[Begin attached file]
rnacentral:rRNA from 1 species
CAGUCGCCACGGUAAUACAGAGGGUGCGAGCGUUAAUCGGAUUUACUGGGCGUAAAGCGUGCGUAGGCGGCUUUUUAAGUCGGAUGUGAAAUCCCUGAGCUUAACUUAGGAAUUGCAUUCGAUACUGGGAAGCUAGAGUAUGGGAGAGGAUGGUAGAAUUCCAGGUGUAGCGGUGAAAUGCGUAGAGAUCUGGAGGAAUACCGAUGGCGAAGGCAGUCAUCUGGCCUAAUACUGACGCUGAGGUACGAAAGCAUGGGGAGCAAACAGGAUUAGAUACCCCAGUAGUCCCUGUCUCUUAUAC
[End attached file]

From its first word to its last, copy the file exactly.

rnacentral:rRNA from 1 species
CAGUCGCCACGGUAAUACAGAGGGUGCGAGCGUUAAUCGGAUUUACUGGGCGUAAAGCGUGCGUAGGCGGCUUUUUAAGUCGGAUGUGAAAUCCCUGAGCUUAACUUAGGAAUUGCAUUCGAUACUGGGAAGCUAGAGUAUGGGAGAGGAUGGUAGAAUUCCAGGUGUAGCGGUGAAAUGCGUAGAGAUCUGGAGGAAUACCGAUGGCGAAGGCAGUCAUCUGGCCUAAUACUGACGCUGAGGUACGAAAGCAUGGGGAGCAAACAGGAUUAGAUACCCCAGUAGUCCCUGUCUCUUAUAC